Environmental organizations around the country are organizing a massive march in San Francisco September 8.
Meeting the Paris climate goals requires a lot of changes—including many changes to buildings. Even as the ink dried on the Paris Agreement, analysts were telling us that the international commitments were nowhere near enough to keep global warming to under 1.5 or even 2 degrees Celsius. But it was a start. And even as Trump and his cohort walk us back nationally from these commitments, we in California and many others around the world are leaning in.
In September, leaders pushing forward on meeting the Paris climate goals will be gathering in California for the Global Climate Action Summit to share new commitments and challenge each other to go farther. The Summit includes many excellent and ambitious challenges, several quite relevant to architects:
- Net Zero Carbon Building Challenge,
- The 30X30 Forests, Food and Land Challenge,
- Green & Healthy Streets (“Fossil Fuel Free Streets”) Declaration, and
- Advancing Towards Zero Waste Challenge
To support this agenda and to encourage our leaders to go further still, environmental organizations around the country are organizing a massive march in San Francisco September 8.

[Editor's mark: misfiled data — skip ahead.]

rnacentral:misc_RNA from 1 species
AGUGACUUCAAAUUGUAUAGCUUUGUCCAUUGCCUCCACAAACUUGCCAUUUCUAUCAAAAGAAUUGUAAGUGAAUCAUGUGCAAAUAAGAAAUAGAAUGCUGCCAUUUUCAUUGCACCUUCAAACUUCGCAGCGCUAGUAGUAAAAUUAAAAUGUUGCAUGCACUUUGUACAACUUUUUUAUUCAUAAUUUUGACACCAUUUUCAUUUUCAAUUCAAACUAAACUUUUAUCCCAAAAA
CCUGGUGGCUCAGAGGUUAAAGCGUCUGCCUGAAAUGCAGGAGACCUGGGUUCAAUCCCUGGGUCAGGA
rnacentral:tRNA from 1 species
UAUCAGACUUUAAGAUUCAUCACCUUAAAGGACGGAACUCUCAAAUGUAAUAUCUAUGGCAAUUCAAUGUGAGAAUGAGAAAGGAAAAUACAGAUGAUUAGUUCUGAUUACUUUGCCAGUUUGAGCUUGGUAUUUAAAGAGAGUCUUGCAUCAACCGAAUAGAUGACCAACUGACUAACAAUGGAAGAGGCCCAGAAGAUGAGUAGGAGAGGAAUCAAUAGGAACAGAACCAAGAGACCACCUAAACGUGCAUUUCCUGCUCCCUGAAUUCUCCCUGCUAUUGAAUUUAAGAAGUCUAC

As architects, we have good reason to join this march. Our everyday work is critical to solving the climate crisis. But even as we understand what we must do–i.e. design all electric, low carbon footprint buildings, powered by renewables, and supporting zero emission vehicles–we find our efforts hampered by state level regulations. The new 2019 Title 24 Building Standards, while improved, still include assumptions favoring gas. In addition, energy efficiency rebates are still not available when switching fuels. See AIAEB 2-18 Newsletter for details.
At a larger scale, all of this work at designing the best Zero Carbon Buildings is inconsequential if it is not met at the same time with a comprehensive climate strategy that includes reducing fossil fuel production. In an LA Times Op Ed, Bill McKibben argues that managing the supply side of fossil fuels works to lower greenhouse gas emissions and it is necessary to accelerate reductions enough to meet the Paris climate goals. As a start, Governor Brown to could say no to new fossil fuel permits and take the state level equivalent stance to President Obama’s denial of the Keystone XL Pipeline. He could go a step further and create a plan to phase out all oil and gas production in the state.
The national AIA has taken a public position in support of the Paris Climate Agreement. Let’s ask our leaders to make our Zero Carbon Buildings more meaningful and march on September 8.